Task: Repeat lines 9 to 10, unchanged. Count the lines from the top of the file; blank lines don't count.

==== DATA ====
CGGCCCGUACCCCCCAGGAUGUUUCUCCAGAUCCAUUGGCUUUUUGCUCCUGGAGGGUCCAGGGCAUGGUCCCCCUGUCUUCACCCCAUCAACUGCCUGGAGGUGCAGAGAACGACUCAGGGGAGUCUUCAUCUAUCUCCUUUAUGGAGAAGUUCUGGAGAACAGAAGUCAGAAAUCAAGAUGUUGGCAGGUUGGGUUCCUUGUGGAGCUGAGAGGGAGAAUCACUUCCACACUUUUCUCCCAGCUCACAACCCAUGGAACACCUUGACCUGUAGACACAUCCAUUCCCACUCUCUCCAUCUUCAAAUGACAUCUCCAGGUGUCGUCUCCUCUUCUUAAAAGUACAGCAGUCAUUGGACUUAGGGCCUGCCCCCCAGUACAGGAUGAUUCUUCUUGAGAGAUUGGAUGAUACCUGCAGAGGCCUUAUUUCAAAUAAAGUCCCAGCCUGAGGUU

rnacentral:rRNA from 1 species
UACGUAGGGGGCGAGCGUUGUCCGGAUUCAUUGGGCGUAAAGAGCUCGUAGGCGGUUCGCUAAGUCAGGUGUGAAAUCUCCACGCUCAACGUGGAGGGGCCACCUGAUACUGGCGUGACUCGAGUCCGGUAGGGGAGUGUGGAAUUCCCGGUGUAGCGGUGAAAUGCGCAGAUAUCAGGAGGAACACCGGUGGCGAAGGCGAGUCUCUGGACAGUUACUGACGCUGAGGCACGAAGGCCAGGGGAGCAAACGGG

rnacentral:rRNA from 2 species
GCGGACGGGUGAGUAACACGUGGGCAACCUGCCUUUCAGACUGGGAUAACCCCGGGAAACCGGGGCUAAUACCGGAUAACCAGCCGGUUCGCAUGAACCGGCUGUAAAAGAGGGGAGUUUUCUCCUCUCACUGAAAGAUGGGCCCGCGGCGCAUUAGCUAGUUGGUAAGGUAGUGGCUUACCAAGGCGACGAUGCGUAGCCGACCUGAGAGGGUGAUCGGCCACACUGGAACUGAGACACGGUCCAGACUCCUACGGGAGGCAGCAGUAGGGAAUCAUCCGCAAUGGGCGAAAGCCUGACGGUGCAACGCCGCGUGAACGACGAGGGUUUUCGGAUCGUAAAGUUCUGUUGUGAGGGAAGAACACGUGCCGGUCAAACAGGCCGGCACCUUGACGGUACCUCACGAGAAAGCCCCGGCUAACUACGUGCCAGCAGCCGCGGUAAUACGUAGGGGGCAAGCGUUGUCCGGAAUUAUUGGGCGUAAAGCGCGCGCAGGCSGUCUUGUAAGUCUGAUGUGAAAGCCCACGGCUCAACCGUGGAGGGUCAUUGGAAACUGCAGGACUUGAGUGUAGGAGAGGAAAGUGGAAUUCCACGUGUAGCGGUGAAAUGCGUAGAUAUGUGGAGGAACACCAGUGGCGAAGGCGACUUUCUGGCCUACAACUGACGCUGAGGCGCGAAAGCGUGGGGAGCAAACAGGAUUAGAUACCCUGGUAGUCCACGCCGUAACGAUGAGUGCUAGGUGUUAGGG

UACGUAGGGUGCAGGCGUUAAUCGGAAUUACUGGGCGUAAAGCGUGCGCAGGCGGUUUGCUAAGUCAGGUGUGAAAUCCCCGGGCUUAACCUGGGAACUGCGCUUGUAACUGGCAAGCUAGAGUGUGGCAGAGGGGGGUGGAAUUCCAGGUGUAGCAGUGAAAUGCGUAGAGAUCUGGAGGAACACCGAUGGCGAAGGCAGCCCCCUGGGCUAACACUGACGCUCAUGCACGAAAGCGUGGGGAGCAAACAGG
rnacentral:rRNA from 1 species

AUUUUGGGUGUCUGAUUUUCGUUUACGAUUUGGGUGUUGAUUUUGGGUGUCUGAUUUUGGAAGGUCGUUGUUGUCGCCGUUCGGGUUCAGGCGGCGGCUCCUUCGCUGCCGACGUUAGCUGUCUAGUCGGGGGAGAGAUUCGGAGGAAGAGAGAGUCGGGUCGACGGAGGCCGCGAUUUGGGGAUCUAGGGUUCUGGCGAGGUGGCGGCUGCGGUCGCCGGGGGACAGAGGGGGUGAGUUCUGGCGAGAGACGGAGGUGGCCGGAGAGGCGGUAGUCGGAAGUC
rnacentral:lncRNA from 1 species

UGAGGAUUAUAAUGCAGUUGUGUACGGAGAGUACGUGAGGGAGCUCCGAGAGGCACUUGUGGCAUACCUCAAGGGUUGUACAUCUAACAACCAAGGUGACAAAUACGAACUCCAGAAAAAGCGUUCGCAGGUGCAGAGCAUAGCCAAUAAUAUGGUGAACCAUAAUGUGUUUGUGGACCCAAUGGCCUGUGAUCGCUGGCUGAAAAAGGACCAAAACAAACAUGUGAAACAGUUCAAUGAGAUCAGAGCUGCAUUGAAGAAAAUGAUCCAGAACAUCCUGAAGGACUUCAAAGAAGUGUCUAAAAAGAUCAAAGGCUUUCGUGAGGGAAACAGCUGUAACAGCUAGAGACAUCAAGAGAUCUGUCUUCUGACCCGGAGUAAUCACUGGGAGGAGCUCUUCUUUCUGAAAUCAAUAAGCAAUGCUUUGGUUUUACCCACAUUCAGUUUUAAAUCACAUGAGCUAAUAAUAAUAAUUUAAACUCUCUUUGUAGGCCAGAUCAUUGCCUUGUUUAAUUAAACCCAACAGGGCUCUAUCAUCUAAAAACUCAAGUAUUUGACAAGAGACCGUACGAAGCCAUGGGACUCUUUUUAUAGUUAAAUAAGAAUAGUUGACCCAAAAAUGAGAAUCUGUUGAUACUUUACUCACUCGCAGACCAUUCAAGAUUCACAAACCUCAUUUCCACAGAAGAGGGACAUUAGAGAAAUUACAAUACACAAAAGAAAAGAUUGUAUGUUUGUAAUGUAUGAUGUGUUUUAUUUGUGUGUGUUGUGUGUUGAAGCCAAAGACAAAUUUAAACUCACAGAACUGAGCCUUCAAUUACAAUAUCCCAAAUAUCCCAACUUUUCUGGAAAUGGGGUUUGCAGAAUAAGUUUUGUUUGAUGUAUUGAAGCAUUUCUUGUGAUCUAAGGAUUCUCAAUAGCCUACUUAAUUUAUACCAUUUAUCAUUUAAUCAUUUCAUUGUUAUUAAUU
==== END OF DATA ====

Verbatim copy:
rnacentral:lncRNA from 1 species

UGAGGAUUAUAAUGCAGUUGUGUACGGAGAGUACGUGAGGGAGCUCCGAGAGGCACUUGUGGCAUACCUCAAGGGUUGUACAUCUAACAACCAAGGUGACAAAUACGAACUCCAGAAAAAGCGUUCGCAGGUGCAGAGCAUAGCCAAUAAUAUGGUGAACCAUAAUGUGUUUGUGGACCCAAUGGCCUGUGAUCGCUGGCUGAAAAAGGACCAAAACAAACAUGUGAAACAGUUCAAUGAGAUCAGAGCUGCAUUGAAGAAAAUGAUCCAGAACAUCCUGAAGGACUUCAAAGAAGUGUCUAAAAAGAUCAAAGGCUUUCGUGAGGGAAACAGCUGUAACAGCUAGAGACAUCAAGAGAUCUGUCUUCUGACCCGGAGUAAUCACUGGGAGGAGCUCUUCUUUCUGAAAUCAAUAAGCAAUGCUUUGGUUUUACCCACAUUCAGUUUUAAAUCACAUGAGCUAAUAAUAAUAAUUUAAACUCUCUUUGUAGGCCAGAUCAUUGCCUUGUUUAAUUAAACCCAACAGGGCUCUAUCAUCUAAAAACUCAAGUAUUUGACAAGAGACCGUACGAAGCCAUGGGACUCUUUUUAUAGUUAAAUAAGAAUAGUUGACCCAAAAAUGAGAAUCUGUUGAUACUUUACUCACUCGCAGACCAUUCAAGAUUCACAAACCUCAUUUCCACAGAAGAGGGACAUUAGAGAAAUUACAAUACACAAAAGAAAAGAUUGUAUGUUUGUAAUGUAUGAUGUGUUUUAUUUGUGUGUGUUGUGUGUUGAAGCCAAAGACAAAUUUAAACUCACAGAACUGAGCCUUCAAUUACAAUAUCCCAAAUAUCCCAACUUUUCUGGAAAUGGGGUUUGCAGAAUAAGUUUUGUUUGAUGUAUUGAAGCAUUUCUUGUGAUCUAAGGAUUCUCAAUAGCCUACUUAAUUUAUACCAUUUAUCAUUUAAUCAUUUCAUUGUUAUUAAUU